An austerity measure is an official action taken by a government in order to reduce the amount of money that it spends on its citizens. Following the worldwide credit crisis of 2008, austerity measures became popular with high-debt governments. For countries with a high debt-to-GDP ratio, austerity measures often become a necessity. Examples of government austerity measures include an increase in the official retirement age (to reduce government retirement payments), a reduction in the number of days garbage is picked up (to reduce municipality costs), and a reduction in school days for children (to reduce government employee costs).
Austerity Measures was last modified: December 22nd, 2014 by admin
As it stands, the U.S. national debt has skyrocketed to above $17.4 trillion. With this year’s budget deficit expected to be around $500 billion, we’ll be at a national debt of $18.0 trillion in no time. In fact, a $30.0-trillion national debt is not out of the question by the end of the next decade.
Any way you look at these very big numbers,.
In its monthly statement of receipts and outlays for the month, the Treasury Department reported that the U.S. government incurred a budget deficit of $107 billion for the month of March 2013. (Source: Department of the Treasury, April 10, 2013.) This monthly budget deficit was a result of the government spending $293 billion while .
The Consumer Confidence Index tracked by the Conference Board plummeted 14% in March 2013 from the previous month. Of the respondents, 36.2% believed jobs are hard to get and only 9.4% thought there were enough jobs out there in the U.S. economy.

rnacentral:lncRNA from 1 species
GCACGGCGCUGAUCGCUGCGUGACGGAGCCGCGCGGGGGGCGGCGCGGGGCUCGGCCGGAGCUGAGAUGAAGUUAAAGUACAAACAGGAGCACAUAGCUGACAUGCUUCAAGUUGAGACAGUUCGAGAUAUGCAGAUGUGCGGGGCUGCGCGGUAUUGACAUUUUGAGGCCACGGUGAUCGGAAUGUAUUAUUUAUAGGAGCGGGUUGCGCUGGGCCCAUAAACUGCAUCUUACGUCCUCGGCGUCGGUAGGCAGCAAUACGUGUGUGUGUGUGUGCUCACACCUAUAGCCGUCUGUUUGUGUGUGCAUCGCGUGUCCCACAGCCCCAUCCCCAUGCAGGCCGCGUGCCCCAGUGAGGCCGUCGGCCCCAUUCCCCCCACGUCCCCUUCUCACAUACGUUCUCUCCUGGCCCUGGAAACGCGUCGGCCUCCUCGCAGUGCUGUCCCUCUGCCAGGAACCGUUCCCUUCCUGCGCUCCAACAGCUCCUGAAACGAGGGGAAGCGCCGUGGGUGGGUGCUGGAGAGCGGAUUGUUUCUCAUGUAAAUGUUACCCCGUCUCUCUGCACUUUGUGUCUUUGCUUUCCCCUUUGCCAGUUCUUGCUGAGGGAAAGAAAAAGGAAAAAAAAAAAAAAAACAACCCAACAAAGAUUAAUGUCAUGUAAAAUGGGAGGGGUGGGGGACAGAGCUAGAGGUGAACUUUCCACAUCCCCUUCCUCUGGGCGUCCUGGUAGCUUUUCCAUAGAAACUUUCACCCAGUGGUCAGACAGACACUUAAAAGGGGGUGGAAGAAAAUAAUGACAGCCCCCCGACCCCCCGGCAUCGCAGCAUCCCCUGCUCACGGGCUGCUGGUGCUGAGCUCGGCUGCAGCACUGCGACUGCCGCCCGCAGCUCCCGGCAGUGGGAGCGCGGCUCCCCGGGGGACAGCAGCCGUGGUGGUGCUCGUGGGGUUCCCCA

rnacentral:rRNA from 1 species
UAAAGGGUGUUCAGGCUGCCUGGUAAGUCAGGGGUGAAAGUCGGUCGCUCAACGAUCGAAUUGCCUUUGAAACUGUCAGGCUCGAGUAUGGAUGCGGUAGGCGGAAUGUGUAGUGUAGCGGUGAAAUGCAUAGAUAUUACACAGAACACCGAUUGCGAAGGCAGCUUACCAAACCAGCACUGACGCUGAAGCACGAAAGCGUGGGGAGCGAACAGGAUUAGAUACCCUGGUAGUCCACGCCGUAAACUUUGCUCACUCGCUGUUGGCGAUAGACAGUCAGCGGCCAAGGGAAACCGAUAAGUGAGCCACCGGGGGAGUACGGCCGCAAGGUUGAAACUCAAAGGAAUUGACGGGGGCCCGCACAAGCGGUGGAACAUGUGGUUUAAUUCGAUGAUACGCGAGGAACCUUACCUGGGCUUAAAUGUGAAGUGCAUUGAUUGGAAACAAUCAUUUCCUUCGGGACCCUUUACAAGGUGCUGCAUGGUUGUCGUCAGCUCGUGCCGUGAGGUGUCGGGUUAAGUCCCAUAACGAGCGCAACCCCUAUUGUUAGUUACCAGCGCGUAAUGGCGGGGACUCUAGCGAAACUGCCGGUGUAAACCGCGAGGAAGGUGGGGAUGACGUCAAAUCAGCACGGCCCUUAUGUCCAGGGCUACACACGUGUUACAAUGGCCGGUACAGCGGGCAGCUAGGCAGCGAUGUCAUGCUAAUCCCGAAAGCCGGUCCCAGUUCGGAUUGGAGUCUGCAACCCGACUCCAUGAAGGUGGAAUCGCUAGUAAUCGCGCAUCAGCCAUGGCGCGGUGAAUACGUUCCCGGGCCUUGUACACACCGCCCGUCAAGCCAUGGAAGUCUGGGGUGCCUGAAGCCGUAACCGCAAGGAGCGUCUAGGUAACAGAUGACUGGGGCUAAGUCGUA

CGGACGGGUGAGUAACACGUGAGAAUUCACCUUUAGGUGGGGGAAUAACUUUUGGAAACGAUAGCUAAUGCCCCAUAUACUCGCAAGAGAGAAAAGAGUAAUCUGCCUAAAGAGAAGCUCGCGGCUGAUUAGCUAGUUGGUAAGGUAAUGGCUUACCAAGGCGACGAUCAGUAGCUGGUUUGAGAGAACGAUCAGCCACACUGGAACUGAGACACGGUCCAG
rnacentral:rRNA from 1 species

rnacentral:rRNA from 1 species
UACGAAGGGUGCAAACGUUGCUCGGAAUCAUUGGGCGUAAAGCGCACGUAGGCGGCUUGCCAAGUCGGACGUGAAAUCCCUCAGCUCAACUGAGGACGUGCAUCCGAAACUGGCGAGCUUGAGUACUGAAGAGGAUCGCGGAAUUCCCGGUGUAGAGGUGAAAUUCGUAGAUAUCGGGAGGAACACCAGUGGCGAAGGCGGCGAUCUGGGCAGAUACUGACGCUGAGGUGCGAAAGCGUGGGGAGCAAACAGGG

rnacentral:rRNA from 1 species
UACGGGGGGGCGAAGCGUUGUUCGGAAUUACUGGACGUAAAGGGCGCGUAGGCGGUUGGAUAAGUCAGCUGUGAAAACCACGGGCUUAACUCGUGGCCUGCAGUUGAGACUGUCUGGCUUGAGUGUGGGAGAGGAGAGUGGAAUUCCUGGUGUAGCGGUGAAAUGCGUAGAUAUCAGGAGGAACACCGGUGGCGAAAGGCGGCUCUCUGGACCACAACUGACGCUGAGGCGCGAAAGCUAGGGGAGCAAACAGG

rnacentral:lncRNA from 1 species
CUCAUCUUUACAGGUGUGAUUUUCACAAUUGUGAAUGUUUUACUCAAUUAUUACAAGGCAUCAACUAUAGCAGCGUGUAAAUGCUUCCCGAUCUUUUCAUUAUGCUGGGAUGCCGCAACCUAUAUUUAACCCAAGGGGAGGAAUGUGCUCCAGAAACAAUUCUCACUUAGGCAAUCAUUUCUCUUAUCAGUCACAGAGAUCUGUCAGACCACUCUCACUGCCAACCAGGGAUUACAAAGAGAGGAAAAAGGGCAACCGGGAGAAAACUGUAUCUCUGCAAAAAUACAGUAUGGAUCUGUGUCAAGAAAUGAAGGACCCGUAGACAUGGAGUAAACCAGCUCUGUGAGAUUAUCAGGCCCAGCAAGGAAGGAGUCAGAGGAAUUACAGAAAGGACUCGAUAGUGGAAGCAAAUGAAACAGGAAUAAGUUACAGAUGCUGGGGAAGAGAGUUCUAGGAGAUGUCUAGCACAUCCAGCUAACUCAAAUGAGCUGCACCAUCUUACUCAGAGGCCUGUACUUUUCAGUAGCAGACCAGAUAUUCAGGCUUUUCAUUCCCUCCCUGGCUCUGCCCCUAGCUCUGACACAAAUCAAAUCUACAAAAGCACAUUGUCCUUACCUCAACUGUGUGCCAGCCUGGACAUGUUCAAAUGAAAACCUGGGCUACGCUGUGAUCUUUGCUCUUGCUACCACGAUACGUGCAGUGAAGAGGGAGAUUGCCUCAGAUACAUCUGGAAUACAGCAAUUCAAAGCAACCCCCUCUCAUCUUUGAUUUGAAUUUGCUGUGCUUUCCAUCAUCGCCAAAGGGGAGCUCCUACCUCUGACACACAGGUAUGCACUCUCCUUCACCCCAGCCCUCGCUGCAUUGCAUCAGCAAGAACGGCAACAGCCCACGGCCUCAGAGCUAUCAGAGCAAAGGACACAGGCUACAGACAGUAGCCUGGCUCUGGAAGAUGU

As consumer confidence goes the wrong way, I am seeing consumer spending edge downward. Consider.
As mainstream economists continue to focus on the sovereignty of the smallest nation in the eurozone, Cyprus, my worries are focused on the four main economic hubs in the region.
Germany, the main economic hub in the eurozone, is hinting at an economic slowdown ahead, as the crisis in the region becomes more severe. The Ifo Business Climate.
The U.S. Department of the Treasury reported that the U.S. government incurred a deficit of $204 billion for the month of February 2013. So far, we are into the first five months of the government’s fiscal year (started October 1, 2012), and the U.S. government fiscal deficit has already grown by $494 billion. (Source: U.S. Department.
Immediate term outlook:
The bear market rally in stocks that started in March 2009, extended because of unprecedented central bank money printing, is coming to an end. Gold bullion is up $1,000 an ounce since we first recommended it in 2002 and we are still bullish on the physical metal.
Short-to-medium term outlook:
World economies are entering their slowest growth period since 2009. The Chinese economy grew last year at its slowest pace in 24 years. Japan is in recession. The eurozone is in depression. With almost half the S&P 500 companies deriving revenue outside the U.S., slower world economic growth will negatively impact revenue and earnings growth of American companies. Domestically, America’s gross domestic product grew by only a meager 2.3% in the second quarter, which will negatively impact an already overpriced equity market.